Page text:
Damage From Turbulence, Upsets Can Evade Inspections

Credit: Extreme-photographer/iStock

Severe turbulence is an ongoing reality and problem. According to “Turbulence Related Accidents & Incidents” by Donald Eick, senior meteorologist in the NTSB’s Office of Aviation Safety, airline pilots report 5,500 severe or greater turbulence encounters annually — that’s 15 per day — and they are tough on crews, their passengers and the airframe. In addition, flight control system failures, upsets and pilot-induced maneuvers also can produce excessive stress.

These inflight events should be followed by a logbook entry by the captain and a proper inspection by a maintenance technician. Nevertheless, the NTSB has discovered the resulting structural aircraft damage can be substantial and yet evade post-flight visual inspections by pilots and maintenance technicians, thus allowing unairworthy aircraft to fly again.

On Nov. 17, 2002, a Canadair CL-600---2B19 operated by Comair from Atlanta to Washington, encountered severe turbulence during its descent near Rockville, Virginia. About 3 hr. before takeoff, the dispatcher approved the flight release, which contained SIGMET Whiskey 8 for occasional severe turbulence from 14,000 ft. to FL 280. The turbulence box overlaid the departure airport and planned en route climb to altitude; however, the top of descent (TOD) and destination airport were clear of the turbulence.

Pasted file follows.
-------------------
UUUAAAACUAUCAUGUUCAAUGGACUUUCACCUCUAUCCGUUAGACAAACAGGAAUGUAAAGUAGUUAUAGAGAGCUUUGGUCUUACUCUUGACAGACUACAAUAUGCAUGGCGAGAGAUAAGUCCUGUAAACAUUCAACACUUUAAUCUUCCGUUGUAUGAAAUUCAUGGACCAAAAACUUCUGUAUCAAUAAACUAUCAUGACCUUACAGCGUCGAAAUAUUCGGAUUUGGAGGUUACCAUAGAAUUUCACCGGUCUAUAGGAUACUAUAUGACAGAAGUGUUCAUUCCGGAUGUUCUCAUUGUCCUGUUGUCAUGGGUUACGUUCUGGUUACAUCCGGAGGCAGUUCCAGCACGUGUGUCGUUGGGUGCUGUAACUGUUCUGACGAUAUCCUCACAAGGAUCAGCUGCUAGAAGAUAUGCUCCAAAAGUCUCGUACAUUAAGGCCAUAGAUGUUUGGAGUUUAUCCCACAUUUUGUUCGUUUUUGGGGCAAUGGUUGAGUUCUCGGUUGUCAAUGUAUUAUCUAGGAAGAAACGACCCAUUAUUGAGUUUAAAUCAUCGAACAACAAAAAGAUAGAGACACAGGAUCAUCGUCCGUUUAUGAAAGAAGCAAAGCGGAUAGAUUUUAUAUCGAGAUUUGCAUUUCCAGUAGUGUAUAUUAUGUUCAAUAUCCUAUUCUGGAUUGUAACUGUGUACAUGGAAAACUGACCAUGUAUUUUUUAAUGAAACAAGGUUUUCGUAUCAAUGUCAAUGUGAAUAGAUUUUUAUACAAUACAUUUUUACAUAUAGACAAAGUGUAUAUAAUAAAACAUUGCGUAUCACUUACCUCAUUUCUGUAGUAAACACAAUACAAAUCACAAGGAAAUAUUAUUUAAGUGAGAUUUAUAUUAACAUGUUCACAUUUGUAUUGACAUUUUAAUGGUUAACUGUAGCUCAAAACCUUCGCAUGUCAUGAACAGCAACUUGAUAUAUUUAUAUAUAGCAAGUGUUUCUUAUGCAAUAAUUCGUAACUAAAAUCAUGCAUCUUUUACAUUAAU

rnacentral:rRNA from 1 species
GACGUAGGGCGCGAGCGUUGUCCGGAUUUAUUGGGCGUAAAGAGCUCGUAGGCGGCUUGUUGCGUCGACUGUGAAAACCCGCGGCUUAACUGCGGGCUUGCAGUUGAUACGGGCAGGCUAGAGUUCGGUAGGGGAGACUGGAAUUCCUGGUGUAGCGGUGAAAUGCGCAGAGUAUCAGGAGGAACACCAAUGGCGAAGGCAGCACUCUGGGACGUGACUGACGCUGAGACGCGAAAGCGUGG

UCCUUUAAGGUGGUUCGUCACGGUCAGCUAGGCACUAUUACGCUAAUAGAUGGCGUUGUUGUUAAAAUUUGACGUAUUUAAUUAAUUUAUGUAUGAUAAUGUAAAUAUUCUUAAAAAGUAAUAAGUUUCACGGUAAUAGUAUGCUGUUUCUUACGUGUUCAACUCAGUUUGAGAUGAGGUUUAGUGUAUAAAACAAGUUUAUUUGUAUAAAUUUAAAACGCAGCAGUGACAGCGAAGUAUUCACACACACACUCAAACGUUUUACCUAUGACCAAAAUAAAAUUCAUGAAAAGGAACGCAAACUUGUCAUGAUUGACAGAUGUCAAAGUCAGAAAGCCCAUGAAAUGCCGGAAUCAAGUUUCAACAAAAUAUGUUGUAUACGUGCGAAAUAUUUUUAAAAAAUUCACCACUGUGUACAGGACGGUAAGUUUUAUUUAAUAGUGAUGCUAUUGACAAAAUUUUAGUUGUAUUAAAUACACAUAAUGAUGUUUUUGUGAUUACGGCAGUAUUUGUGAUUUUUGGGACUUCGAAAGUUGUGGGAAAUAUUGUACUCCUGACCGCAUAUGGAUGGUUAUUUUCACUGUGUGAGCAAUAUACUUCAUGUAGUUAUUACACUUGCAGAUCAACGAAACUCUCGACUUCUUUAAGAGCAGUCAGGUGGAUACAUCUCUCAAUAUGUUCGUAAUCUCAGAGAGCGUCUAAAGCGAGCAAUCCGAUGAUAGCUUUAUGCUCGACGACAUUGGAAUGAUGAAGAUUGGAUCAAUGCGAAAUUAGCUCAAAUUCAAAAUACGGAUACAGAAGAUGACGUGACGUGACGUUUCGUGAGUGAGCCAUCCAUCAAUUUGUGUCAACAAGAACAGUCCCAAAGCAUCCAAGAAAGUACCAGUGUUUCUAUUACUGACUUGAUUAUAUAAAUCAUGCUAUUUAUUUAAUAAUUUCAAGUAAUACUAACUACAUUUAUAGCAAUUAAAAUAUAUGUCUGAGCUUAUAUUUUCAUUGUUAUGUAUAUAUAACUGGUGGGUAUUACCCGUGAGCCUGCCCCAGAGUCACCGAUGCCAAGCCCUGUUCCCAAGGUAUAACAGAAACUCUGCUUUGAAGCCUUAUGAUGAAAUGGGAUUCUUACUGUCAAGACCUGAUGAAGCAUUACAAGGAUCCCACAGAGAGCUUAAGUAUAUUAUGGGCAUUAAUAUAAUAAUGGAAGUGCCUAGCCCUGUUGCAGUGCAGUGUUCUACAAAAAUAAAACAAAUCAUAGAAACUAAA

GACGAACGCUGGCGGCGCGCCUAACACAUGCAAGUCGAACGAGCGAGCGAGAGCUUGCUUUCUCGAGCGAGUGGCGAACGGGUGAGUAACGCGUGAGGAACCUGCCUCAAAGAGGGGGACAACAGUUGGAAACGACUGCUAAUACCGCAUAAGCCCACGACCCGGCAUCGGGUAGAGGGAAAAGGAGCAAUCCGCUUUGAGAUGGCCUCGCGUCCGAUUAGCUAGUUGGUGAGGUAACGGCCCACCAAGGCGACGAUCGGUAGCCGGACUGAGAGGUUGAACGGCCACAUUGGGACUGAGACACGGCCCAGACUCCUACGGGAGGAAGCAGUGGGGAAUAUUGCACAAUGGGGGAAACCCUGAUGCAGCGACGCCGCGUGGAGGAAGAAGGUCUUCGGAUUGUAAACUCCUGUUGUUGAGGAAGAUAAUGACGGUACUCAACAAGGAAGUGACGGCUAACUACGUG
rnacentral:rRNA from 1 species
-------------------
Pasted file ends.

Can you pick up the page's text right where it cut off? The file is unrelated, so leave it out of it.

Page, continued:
The NTSB wants to prevent inspected but still unairworthy aircraft from returning to service after events that exceeded the manufacturer’s threshold.  Credit: Vladimirovic/iStock

When the pilot later printed the flight release, SIGMET Whiskey 8 had been replaced with SIGMET Whiskey 9. The turbulence box had moved east of the departure airport, and the TOD and destination airport remained clear of the turbulence box. The flight release also contained a single pilot report of severe turbulence from a Boeing 737 at FL 240, within the defined area of turbulence. Prior to departure, but after the flight release was signed by the pilot, the release was updated again, this time with SIGMET Whiskey 10. The turbulence box moved farther east to cover the TOD and destination airport. Nearing his destination, the pilot descended into the turbulence box.